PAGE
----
President Obama has ordered that flags be lowered to half-staff at the White House and federal buildings across the country to honor the victims of last week's shooting rampage in Chattanooga, Tenn., after facing pressure from lawmakers and others. 

In a proclamation issued early Tuesday afternoon, Obama said of the Chattanooga victims, "We honor their service. We offer our gratitude to the police officers and first responders who stopped the rampage and saved lives. We draw strength from yet another American community that has come together with an unmistakable message to those who would try and do us harm: We do not give in to fear. You cannot divide us. And you will not change our way of life." 

He ordered flags flown at half-staff at the White House and "all public buildings and grounds," as well as over military posts and naval stations and vessels -- until July 25. Flags will be flown at half-staff at U.S. embassies and other overseas diplomatic offices. 

The decision comes after congressional leaders ordered flags at the U.S. Capitol lowered to half-staff earlier in the day -- that decision fueled questions over why the White House hadn't yet done the same. 

Rep. Duncan Hunter, R-Calif., a veteran, earlier released a statement calling it "unconscionable" that the flags had not been lowered, as of Tuesday morning. "The flag and all it represents is sacred to our military, and the President must know that lowering the flag is a signal of honor and respect," he said. 

Shortly afterward, the White House issued its proclamation, following similar instructions for the Capitol by Senate Majority Leader Mitch McConnell and House Speaker John Boehner.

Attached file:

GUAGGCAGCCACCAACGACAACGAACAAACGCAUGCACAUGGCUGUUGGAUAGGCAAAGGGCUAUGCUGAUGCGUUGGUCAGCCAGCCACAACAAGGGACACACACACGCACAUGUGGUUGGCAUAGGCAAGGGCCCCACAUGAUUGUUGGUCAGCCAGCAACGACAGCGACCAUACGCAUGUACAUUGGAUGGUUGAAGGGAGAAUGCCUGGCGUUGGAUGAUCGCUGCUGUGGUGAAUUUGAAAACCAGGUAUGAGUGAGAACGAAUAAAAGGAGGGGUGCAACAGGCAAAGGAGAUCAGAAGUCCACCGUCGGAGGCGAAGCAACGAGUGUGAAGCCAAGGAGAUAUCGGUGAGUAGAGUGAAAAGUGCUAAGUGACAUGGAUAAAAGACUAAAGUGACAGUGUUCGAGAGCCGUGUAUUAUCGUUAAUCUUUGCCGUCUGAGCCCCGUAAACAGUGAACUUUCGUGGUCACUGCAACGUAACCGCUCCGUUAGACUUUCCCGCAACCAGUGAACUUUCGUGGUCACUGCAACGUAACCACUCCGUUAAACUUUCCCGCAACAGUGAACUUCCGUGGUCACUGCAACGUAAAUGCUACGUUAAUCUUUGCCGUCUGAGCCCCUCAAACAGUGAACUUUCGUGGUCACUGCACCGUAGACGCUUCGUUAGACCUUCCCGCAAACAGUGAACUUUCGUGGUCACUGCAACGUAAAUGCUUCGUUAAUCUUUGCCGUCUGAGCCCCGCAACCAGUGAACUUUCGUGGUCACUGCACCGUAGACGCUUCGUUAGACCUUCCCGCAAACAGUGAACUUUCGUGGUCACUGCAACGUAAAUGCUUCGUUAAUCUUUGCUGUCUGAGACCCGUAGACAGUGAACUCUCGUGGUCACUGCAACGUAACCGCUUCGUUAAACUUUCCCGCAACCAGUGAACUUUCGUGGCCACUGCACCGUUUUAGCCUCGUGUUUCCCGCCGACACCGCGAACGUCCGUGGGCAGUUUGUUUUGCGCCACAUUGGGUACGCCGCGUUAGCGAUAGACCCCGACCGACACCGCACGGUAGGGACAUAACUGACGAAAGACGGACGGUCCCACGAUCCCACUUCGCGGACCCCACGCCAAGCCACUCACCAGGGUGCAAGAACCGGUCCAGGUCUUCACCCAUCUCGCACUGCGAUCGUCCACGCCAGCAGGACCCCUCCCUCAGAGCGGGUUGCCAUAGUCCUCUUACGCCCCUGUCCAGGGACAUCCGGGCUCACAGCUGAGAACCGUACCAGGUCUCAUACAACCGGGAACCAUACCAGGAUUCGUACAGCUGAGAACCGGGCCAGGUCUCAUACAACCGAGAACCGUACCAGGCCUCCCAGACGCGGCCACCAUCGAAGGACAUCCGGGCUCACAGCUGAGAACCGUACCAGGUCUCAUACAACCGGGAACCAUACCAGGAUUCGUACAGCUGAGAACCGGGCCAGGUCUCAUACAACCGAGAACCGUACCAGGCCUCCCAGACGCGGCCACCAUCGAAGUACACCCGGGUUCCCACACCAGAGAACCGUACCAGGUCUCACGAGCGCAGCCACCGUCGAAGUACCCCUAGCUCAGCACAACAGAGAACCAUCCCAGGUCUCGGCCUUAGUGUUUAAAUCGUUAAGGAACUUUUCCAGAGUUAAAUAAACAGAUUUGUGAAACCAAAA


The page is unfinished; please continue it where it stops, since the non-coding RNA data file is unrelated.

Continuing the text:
"Last week, five brave service members were murdered in a terror attack in Chattanooga, Tennessee. Out of respect for their courageous service and sacrifice to our nation, flags at the U.S. Capitol are being lowered to half-staff," Boehner said in a statement. 

The House will also observe a moment of silence Tuesday evening for the victims. 

McConnell said, "[T]he U.S. Senate's thoughts are with their families and loved ones, and with all those who protect us here, and around the world." 

The shooting occurred at two military facilities. A Navy sailor and four Marines were killed. 

The White House has ordered flags lowered on several occasions in the past, including after the tragic mass shooting in December 2012 at an elementary school in Newtown, Conn. The directive at the time ordered flags lowered, "As a mark of respect for the victims of the senseless acts of violence perpetrated on Dec. 14, 2012, in Newtown, Conn." 

Asked about the status of the White House flags on Monday, Press Secretary Josh Earnest told reporters that Obama has offered his "sincere condolences to the families of those who were killed in this attack," without mentioning the forthcoming proclamation.  

The shooting has prompted governors in at least a half-dozen states to authorize National Guardsmen to take up arms to protect recruiting offices and installations. 

The U.S. military also has outlined security upgrades for recruiting stations, reserve centers and other facilities, according to Capt. Scott Miller, a spokesman for the U.S. Northern Command, which covers military bases in North America. 

The Associated Press contributed to this report.